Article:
Normally, I don’t do April Fool pranks. It’s too common. But I got this idea in my head a while ago, and I decided to run with it today.
Background: About 10 years ago, I spat out a small bucketload of plays. It was a nice run. Most of them were short, two were full-length, and they all got some stage time. One play, Dinner for Several, won a comedy competition sponsored by a small theater in Florida. Flew me down for a reading and everything. Nifty!
That play hasn’t seen a stage since (I think) 2009. So this morning my Facebook page featured this:
The kudos started flowing.
People were happy for me.
People were not keying in on the name “Hiroshi O’Malley.”
See, that’s the first clue. That, and the fact that today is today.
And then it hit me… This is how we interact now on social media. We skim. We gloss. We do the quick read, snap out a quick response or tap the “Like” button and we move on to the next yummy morsel being spoon-fed to us by our newsfeed. These people, my friends who’ve known me for years, were not reading my post in its entirety. They were not clicking that “See More” link—because why bother? I said a happy thing about me, so the correct social media animal response is to say “Yay!” and go look for clickbait. What was above the fold was enough. They did the right social media thing.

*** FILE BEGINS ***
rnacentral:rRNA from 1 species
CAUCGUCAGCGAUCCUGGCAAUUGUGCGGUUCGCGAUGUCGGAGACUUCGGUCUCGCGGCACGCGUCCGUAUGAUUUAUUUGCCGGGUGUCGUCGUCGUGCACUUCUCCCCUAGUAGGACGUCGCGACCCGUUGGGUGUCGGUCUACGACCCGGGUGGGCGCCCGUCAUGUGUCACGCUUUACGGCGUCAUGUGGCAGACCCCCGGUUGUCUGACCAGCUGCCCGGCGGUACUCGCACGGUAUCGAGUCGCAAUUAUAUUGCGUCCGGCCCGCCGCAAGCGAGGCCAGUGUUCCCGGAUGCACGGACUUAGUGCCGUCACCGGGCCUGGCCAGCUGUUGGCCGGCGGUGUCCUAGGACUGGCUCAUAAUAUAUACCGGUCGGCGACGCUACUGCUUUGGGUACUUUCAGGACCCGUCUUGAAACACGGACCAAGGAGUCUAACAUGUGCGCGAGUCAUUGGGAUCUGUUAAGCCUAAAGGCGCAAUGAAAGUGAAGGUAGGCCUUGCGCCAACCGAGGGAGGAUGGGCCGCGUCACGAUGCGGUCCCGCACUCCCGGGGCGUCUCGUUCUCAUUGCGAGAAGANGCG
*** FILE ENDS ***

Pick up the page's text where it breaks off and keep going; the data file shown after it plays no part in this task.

And thus missed the whole payoff:
Yes, the “Bridgeport CT Work Release and Community Service Theater Collaborative and Rehabilitation Center.” Not to mention “off-off-off…etc.”
It started as a joke, but it’s turned out a little sad to me. Don’t get me wrong—it’s nice to know that my friends would be thrilled to see my work on stage again, but getting this glimpse into our too-much-input, gloss-and-go culture isn’t a good thing. Our interactions are cheapened, our understanding diminished. The longest reply from someone who took a moment to throw me some congrats is three words long. And while Facebook played a part in my joke by putting the “See More” tag in a pretty much perfect place, it’s also responsible in part for the overload that pretends to connect us, but which really just makes us that much more superficial.